The proposed amendment discriminates unfairly. It prescribes rigid eligibility requirements that would apply to only a small class of landholders, excluding other landholders in similar, but not identical, circumstances who may be just as worthy of relief.
Analysis of Proposed Constitutional Amendments, prepared by the Texas Legislative Council (1981), p. 9.
Attorney General Opinion JM-364, 3 (1985).
You now argue that the phrase "color of title, the chain of which dates from at least as early as January 1, 1932," should be interpreted to require that an applicant show an unbroken chain of transfers dating back to at least January 1, 1932, but that he need not show an unbroken chain extending back to the sovereign. See generally Howth v. Farrar, 94 F.2d 654, 658, cert. denied, 305 U.S. 599 (1938) (meaning of "color of title" in Texas statute is different from meaning of "color of title" in other jurisdictions); see also Humphrey v. C.G. Jung Educational Center, 624 F.2d 637 (5th Cir.1980). In your brief you support your argument by pointing out that the one person to whom section 4A was clearly intended to apply could not have received a patent had your office interpreted "color of title" in section 4A to be coextensive with "color of title" in article 5508.
You demonstrate that one of the purposes of article VII, section 4A, was to enable a claimant named Jesse Johnson to obtain a patent to 120 acres out of the Thornton P. Kuykendall Survey in Leon County. You provide the following facts:
On July 31, 1838, Thornton P. Kuykendall received Donation Certificate 486 for 640 acres of unsurveyed public domain for having been detailed to guard the baggage at Harrisburg on April 21, 1836. A land certificate is an obligation of the government entitling the owner to secure a specific quantity of land by following the law.... Certificate 486 was returned to the general land office on September 29, 1854, and applied toward a 320 acre survey in Freestone County. On April 18, 1857, a patent was issued on this 320 acre Freestone County tract. Since only 320 acres were applied against Certificate 486, the land office issued Unlocated Balance Certificate 116 6/120 for 320 acres on April 18, 1857. On February 28, 1859, field notes for the 320 acre Kuykendall Survey in Leon County were received in the land office. These field notes purport to have been made pursuant to the unlocated balance of Donation Warrant 486; however, Unlocated Balance Certificate 116 6/120 was not filed with these field notes and was never applied toward this survey. This 320 acre Kuykendall Survey in Leon County includes the 120 acre tract claimed by Jesse Johnson. On December 29, 1874, field notes for a 221 acre survey in Young County, made pursuant to Unlocated Balance Certificate 116 6/120, were filed in the land office. Unlocated Balance Certificate 116 6/120 was also filed in the land office on December 29, 1874, and was applied to this 221 acre survey in Young County. This Young County survey was patented on February 26, 1890. The remaining 99 acres of the unlocated balance certificate were never applied to any survey.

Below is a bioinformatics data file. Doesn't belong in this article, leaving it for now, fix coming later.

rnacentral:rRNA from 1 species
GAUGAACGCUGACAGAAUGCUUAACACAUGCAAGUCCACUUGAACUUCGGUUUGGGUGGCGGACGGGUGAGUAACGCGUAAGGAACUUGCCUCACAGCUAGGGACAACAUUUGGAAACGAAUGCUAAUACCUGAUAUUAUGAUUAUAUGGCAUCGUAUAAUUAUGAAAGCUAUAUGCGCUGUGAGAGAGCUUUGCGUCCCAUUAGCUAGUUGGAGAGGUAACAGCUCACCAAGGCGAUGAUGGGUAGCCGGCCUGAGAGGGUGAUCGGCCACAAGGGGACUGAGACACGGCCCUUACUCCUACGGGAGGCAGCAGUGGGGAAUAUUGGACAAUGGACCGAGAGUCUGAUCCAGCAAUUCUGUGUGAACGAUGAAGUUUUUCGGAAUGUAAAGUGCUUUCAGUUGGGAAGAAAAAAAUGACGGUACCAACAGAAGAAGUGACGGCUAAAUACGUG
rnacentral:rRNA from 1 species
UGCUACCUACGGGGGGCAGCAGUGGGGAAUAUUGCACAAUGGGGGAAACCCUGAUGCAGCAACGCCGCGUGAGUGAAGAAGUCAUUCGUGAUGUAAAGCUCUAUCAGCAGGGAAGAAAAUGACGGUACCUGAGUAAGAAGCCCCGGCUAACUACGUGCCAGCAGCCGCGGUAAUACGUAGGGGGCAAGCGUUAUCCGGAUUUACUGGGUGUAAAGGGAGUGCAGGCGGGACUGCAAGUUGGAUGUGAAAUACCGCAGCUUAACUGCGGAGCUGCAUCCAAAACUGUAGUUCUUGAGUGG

Since the unlocated balance certificate or any other land certificate was not returned to the land office with the field notes of the Leon County tract and no certificate was ever applied to that tract, those field notes were void and a patent could not be issued.... Even if the remainder of the unlocated balance certificate had been applied to the Leon County tract, the certificate would have been 221 acres short. Even as applied only to Mr. Johnson's portion, the certificate would have been 22 acres short. Mr. Johnson had no interest in this Leon County tract other than what could be traced back through a chain of title to Thornton P. Kuykendall. (Citations omitted.)
General Land Office brief in support of reconsideration of Attorney General Opinion JM-364, 3-4. Your office issued a patent to Mr. Johnson when he applied for one. You now realize, however, that because there was no transfer from the state at all to Mr. Kuykendall, Mr. Johnson would not have been able to show color of title as defined by article 5508. Therefore, if your office had uniformly interpreted "color of title" in section 4A to be the same as "color of title" in article 5508, the person section 4A was intended to help would have been ineligible for a patent under section 4A.
We conclude, therefore, that "color of title" in section 4A cannot have been intended to be as narrow as "color of title" in article 5508. Consequently, we believe that section 4A requires an applicant to show an unbroken chain of transfer dating back at least as far as January 1, 1932, but that an applicant need not show an unbroken chain of transfers back to the sovereign.
Section 4A(a)(3) of article VII of the Texas Constitution requires an applicant for a patent to land under that section to show an unbroken chain of transfers dating back to January 1, 1932, but does not require an applicant to show an unbroken chain of transfers dating back to the sovereign. This opinion overrules Attorney General Opinion JM-364 (1985).
Very truly yours,
Attorney General of Texas
First Assistant Attorney General
Executive Assistant Attorney General
Judge Zollie Steakley
Special Assistant Attorney General
Assistant Attorney General